It’s not only a judgment on you, but it invites you to judge yourself. You begin to wonder, what’s wrong with me?
This scenario is the one place where I agree with the advice to “stop making comparisons.” It is uncalled for and harmful here. (More on that another time.)
How to Escape the Comparison Trap
So, if comparison is a habit that is hard to break, and if it serves us, how do we escape the comparison trap?
Start with these 3 steps:
Step 1: Create awareness
The first step to changing anything is to bring awareness to it. Begin to notice when you are making a comparison — and whether it’s necessary and useful or unnecessary and harmful.
Notice where you compare yourself to others, and yourself to yourself. Also notice things outside yourself that you compare: experiences, meals, the time it took to do something, the weather.
The more you can notice the everyday, harmless comparisons, the more you will notice the harmful comparisons.
Step 2: Reframe comparison as a learning tool
Release the judgment and use comparison to identity areas for growth.
Instead of using comparison as a basis for judgment, use it as a basis for learning.
That’s how we use it as children. We see differences and we learn.
This shape is like these shapes.
This shape is not like these other shapes.
So when you notice you are comparing yourself to someone else, instead of asking a version of “what’s wrong with me?” ask “what can I learn here?”
Step 3: Remember: each of us has our own path
Just because someone is doing something and getting results, and the results look like the results you desire, doesn’t’ mean that the methods that person is using will work for you. Each of us has our own path.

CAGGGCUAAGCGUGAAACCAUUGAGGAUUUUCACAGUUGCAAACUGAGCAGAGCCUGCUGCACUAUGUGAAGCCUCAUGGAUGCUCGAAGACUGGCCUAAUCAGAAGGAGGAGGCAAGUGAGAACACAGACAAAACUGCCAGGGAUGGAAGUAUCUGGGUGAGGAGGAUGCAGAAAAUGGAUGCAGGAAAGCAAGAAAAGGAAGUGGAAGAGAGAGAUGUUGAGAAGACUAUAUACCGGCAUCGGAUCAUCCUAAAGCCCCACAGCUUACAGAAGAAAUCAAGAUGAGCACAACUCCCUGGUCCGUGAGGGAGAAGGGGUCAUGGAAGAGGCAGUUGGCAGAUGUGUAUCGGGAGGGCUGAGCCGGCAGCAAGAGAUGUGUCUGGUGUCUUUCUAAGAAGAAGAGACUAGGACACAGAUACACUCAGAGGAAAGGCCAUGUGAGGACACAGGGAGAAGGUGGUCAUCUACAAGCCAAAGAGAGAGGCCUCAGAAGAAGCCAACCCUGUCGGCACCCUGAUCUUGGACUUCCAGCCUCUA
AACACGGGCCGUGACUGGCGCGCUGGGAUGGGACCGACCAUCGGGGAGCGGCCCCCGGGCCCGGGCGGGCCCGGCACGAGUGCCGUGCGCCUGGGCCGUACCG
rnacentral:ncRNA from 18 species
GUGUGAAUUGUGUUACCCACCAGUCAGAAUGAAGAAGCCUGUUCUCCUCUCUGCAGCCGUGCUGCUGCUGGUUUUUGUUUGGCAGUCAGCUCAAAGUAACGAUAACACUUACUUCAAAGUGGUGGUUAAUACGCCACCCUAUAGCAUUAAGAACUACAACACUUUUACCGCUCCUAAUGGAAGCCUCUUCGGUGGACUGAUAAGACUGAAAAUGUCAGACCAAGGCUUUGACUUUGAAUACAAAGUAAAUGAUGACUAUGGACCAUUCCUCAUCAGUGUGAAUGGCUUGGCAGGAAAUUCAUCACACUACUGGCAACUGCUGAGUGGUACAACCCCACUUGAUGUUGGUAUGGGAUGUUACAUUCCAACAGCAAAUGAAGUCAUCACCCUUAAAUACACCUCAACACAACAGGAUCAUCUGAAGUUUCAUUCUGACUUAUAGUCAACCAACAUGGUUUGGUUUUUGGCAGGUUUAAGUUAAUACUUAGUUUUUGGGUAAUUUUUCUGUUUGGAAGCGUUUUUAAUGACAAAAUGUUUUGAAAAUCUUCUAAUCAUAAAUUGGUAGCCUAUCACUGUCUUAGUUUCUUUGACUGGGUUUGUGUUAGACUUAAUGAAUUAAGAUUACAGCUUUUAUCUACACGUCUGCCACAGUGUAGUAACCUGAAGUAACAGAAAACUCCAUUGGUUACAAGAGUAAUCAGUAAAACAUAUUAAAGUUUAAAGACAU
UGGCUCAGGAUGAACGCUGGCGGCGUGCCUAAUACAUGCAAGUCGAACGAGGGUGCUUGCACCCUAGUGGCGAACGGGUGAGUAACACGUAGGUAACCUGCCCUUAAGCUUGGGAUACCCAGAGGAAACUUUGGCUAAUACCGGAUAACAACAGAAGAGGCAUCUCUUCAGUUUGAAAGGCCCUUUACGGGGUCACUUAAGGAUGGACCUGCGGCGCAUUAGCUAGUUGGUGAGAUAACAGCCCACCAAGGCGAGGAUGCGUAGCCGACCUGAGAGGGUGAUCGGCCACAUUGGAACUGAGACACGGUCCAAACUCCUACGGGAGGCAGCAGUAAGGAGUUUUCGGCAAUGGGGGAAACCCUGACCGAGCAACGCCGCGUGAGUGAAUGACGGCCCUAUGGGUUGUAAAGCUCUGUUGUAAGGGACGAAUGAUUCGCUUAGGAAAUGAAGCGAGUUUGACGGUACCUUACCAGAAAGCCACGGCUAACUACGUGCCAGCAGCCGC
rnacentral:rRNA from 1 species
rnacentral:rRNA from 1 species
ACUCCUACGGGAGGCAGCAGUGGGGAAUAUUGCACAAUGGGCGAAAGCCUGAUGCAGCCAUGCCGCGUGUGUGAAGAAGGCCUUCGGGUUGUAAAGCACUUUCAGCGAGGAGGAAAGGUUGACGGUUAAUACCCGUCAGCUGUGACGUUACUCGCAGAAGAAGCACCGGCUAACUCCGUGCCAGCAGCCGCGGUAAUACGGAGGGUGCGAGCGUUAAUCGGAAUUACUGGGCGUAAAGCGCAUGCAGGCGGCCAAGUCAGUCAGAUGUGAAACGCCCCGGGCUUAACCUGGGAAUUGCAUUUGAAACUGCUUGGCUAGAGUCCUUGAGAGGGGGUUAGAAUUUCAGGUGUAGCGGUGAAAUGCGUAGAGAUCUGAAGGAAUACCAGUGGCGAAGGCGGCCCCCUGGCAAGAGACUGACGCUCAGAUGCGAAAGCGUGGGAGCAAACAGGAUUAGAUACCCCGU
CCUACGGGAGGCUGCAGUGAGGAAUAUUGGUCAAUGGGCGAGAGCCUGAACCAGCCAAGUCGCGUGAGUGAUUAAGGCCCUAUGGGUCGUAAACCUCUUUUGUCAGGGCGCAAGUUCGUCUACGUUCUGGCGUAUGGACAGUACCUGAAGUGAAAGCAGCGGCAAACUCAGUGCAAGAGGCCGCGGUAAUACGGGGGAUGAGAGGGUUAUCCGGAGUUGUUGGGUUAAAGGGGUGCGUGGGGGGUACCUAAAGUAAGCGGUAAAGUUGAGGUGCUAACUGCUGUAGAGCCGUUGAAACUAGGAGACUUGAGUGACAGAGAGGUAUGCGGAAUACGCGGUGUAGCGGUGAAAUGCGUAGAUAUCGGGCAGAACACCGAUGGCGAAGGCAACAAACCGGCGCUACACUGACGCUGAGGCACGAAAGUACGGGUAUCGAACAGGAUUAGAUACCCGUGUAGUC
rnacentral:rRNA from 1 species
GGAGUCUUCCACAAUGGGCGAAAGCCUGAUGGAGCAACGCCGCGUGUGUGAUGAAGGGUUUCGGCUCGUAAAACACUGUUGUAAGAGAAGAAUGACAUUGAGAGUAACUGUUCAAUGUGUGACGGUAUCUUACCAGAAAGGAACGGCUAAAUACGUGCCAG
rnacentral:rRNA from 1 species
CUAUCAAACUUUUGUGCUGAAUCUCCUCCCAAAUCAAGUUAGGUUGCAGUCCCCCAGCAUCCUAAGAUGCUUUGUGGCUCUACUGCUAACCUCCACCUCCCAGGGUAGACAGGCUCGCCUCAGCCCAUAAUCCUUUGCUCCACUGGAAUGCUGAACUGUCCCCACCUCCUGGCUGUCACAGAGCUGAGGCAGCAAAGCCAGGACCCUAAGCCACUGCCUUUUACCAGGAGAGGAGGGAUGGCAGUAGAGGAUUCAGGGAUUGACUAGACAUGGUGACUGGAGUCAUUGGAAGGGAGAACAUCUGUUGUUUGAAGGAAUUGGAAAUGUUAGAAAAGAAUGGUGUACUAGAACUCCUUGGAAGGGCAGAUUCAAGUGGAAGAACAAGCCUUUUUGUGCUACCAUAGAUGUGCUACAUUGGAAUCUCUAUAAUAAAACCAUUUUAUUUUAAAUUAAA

My trampoline coach coaches me based on my strengths and abilities, and coaches other students to their specific strengths and abilities.
We all eventually learn the same skills through different paths, depending on our background. My trapeze coaches take the same approach.
Circus is Life. This same approach goes for life and business. Each of us has different needs, abilities, and strengths. We have unique values and beliefs that will naturally shape our process.
There is not “one way” that works for everyone. You are on your own path, and will get to your destination in your own timing.
When you release the judgment connected to comparison, you will find the freedom to enjoy the journey.
Do you find yourself in the comparison trap? How do you escape the trap? Please share your strategies in the comments.
I spoke about this issue in Episode 71 of My Circus Life, a weekly livestream in which I share a lesson from my circus activities and how it applies to life and business.